Think about how every day you are suspended in the middle of life. Things happen around you, and you react. Other times, you have a thought, and you either act on it or don’t. Your actions and behaviors throughout the day are defined and driven by many variables. The point is that, no matter what, eventually, you do something (or do nothing). It’s a decision that you take either instinctively or as a result of a thoughtful idea.
How do you know which one it is?
Well, at the end of a tumultuous day or week, you might stop and ask yourself, how did I perform against my values, beliefs, passions, desires, and needs? Have I worked toward them, in harmony with them, or against them?
That is the beginning of self-awareness—questioning your actions and thoughts and wondering why you have acted or behaved a certain way or why you had a specific attitude. If you move through life without asking those questions, you invite an existence buried by obliviousness.
The essential thing to understand here is that you will try to reflect your actions and behavior against a particular standard or expectation. One is reality; the other is your vision about who you are or who you want to be.
So, to even have self-awareness, you must first have something to be self-aware about.
That concept is known as internal self-awareness. When you allocate time for introspection and begin to see the gap between reality and your vision of reality, you begin to identify places in your life where you need to make changes.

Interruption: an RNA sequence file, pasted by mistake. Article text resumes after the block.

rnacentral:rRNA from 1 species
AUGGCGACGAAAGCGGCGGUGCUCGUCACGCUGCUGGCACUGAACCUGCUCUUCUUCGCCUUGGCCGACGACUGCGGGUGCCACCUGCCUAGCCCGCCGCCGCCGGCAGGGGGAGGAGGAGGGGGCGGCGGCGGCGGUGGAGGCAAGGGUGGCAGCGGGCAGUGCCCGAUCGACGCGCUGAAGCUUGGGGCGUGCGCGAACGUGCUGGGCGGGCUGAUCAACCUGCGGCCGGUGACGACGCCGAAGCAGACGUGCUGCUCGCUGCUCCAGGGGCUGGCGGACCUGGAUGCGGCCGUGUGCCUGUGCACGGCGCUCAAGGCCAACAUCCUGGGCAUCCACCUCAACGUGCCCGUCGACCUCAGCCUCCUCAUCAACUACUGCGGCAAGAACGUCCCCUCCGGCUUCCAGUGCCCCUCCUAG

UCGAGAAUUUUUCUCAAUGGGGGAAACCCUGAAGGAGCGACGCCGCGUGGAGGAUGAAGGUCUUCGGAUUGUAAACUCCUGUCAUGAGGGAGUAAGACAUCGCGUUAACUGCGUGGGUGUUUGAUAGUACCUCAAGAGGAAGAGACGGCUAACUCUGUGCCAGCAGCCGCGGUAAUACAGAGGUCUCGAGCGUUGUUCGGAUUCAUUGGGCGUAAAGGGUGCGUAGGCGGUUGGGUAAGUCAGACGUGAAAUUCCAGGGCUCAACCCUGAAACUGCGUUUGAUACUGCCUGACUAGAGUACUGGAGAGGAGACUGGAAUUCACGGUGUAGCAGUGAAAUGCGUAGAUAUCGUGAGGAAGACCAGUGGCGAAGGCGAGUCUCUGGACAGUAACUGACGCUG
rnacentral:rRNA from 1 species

Without that introspection, you’d be blind. You would be unable to make any changes or improvements in your life because you would not know what to improve or change. Even worse, you might wind up changing things that don’t need changing or spend energy “improving” something for no benefit.
That is why cultivating and improving self-awareness is an essential skill in your self-growth and personal improvement journey.
How To Improve Self-Awareness?
Now that you believe (I hope) that self-awareness is a critical skill to develop at any stage in life let’s look at a few proven techniques that you can use today to sharpen yours. These are not in any particular order, and they can be applied together or separately.
Each helps deepen a specific aspect of your self-awareness, so I recommend dabbing into each one over time slowly. With consistency and focus, you’ll soon start to see the results.
As I said above: self-awareness is elusive because you need self-awareness to know that you are self-aware. The exciting thing is that once you become self-aware, your prior lack of self-awareness becomes madly obvious. It’s as if somebody replaced your pair of broken eyeglasses and with a brand-new one, and now you can see.
Self-reflection is the most important technique you can learn to sharpen your self-awareness. But be aware that self-reflection is not judgment. You are not looking to take stock of your life and chastise yourself for the wrong things or pat yourself on the back for the good stuff.
This process is designed to recognize and tap into your curiosity. It’s a technique that forces you to admit that there’s a high chance that you’ve traversed a day, week, month, or even your whole life in a state of unawareness.